An executive order reportedly drawn up by President Trump to investigate Google and Facebook for possible violation of anti-trust laws is a fraud – cooked up by an industry competitor in a bid to hobble the Internet giant, Newsmax has learned.
Bloomberg reported last week the "the White House is considering a draft executive order for President Donald Trump that would instruct federal antitrust and law enforcement agencies to open probes into the practices of Alphabet Inc.'s Google, Facebook Inc., and other social media companies."
Incredibly, sources at the White House say, a Google competitor drafted their version of an executive order they wanted President Trump to sign.
In recent weeks they brazenly delivered it to the White House, which quickly rebuffed the offer.
White House senior staff were aghast this company had actually written an executive order and when they could not get any interest from the administration, leaked it to Bloomberg claiming it was awaiting President Trump's signature.
While President Trump is deeply concerned about the political bias of social media companies like Google, Facebook, and Twitter, he has not ordered any department to begin anti-trust actions against these companies.
It would be "unprecedented" for the White House order anti-trust action by the Department of Justice or Federal Trade Commission, a senior White House official told Newsmax.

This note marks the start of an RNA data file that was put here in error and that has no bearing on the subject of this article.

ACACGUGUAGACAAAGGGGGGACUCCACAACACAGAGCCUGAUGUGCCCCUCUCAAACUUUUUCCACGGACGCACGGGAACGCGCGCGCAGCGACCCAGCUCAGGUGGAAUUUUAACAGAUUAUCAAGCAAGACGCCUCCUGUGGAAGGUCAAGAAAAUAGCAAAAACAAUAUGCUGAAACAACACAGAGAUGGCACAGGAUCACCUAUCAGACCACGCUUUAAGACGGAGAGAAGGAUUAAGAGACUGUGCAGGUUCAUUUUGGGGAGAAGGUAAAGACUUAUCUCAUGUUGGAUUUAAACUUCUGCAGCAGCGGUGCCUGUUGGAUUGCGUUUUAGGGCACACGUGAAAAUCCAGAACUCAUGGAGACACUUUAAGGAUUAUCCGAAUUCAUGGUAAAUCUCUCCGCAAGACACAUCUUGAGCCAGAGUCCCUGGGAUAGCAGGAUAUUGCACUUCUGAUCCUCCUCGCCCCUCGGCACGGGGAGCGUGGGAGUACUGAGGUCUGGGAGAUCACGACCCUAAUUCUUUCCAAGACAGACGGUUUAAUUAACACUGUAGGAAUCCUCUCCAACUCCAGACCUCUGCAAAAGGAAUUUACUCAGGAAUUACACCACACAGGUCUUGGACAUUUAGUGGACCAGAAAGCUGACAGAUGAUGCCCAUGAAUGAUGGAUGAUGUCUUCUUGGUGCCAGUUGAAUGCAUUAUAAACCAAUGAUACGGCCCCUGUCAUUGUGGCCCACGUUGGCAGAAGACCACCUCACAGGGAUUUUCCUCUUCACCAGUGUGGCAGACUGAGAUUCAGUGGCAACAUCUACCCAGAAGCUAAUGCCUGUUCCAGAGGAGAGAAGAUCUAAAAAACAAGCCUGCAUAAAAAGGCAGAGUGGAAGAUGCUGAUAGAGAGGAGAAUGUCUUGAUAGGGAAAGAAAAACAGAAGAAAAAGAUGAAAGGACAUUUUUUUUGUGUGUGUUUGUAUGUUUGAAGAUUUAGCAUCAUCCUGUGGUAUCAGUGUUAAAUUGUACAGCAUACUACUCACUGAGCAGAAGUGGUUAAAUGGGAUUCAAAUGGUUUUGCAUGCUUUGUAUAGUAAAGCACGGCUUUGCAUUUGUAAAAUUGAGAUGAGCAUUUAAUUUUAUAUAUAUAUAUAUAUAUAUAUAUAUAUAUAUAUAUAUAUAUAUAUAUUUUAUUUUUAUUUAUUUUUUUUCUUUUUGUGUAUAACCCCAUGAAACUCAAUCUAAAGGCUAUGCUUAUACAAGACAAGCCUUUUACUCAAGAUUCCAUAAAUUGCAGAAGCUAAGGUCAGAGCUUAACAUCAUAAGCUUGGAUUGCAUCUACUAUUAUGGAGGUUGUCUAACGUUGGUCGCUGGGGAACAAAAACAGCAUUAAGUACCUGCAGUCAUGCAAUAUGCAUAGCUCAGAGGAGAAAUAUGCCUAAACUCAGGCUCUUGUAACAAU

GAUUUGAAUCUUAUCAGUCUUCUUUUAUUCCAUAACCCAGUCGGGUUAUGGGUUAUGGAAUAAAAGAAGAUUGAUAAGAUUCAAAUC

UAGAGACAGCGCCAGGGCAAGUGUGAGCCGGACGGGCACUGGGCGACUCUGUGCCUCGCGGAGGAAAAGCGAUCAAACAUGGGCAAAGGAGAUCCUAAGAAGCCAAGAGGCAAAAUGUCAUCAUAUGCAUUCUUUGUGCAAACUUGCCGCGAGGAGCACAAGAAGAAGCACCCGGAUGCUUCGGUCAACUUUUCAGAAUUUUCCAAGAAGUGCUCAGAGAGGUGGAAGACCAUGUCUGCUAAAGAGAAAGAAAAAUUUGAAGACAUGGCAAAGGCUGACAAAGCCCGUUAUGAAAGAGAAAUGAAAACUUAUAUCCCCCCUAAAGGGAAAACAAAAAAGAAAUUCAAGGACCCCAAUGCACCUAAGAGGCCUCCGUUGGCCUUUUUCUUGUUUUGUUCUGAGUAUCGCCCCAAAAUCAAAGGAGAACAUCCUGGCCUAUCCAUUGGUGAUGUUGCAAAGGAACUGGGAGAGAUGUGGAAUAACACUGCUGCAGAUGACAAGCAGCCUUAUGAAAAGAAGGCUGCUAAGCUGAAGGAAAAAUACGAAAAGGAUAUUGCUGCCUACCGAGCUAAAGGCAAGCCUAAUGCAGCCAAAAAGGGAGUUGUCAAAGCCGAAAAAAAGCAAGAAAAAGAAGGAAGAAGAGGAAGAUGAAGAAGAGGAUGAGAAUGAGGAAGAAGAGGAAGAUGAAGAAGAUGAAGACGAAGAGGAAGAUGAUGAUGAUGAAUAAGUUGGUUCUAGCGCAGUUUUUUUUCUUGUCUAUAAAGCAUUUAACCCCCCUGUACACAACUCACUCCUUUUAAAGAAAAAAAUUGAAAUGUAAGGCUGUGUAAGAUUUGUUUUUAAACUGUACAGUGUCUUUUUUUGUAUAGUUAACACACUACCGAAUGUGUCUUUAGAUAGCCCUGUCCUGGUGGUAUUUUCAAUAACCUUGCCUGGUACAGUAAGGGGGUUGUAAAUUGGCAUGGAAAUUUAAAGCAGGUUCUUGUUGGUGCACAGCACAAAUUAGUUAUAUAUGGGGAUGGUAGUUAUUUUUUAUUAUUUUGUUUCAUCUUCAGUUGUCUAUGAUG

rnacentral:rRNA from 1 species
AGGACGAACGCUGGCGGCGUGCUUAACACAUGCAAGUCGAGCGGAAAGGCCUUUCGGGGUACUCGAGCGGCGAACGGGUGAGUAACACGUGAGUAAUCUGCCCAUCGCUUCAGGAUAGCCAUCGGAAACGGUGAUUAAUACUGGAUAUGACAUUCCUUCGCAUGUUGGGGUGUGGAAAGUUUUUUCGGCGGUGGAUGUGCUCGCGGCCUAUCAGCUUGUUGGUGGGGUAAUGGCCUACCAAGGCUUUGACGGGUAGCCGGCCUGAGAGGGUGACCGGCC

The sources declined to name the company that concocted the draft order, referring to it only as "an industry organization competitive to Google."
One reason some may have believed the draft executive order is because of a tweet Trump fired off last month questioning the legitimacy of Google's search results.
Trump charged Google, in name searches of him, seemed to be prioritizing stories from CNN and other "National Left-Wing Media" over conservative news groups – an alleged act that is "very dangerous."
In a statement to Business Insider shortly after those tweets, Google responded: "Search is not used to set a political agenda, and we don't bias our results toward any political ideology." The company added it prioritized relevancy and quality.
But last week, The Wall Street Journal, citing internal company emails, reported that soon after Trump's controversial travel ban was enacted in January 2017, Google employees discussed how they might be able to tweak search-related functions to show users how to oppose Trump's policies, including helping contributions to pro-immigration groups and encouraging contacts to lawmakers and government agencies.
Employees proposed ways to "leverage" search functions and counter what they considered to be "islamophobic, algorithmically biased results from search terms 'Islam,' 'Muslim,' 'Iran,' etc." and "prejudiced, algorithmically biased search results from search terms 'Mexico,' 'Hispanic,' 'Latino,' etc," according to the Journal. Google said the ideas discussed were never implemented.
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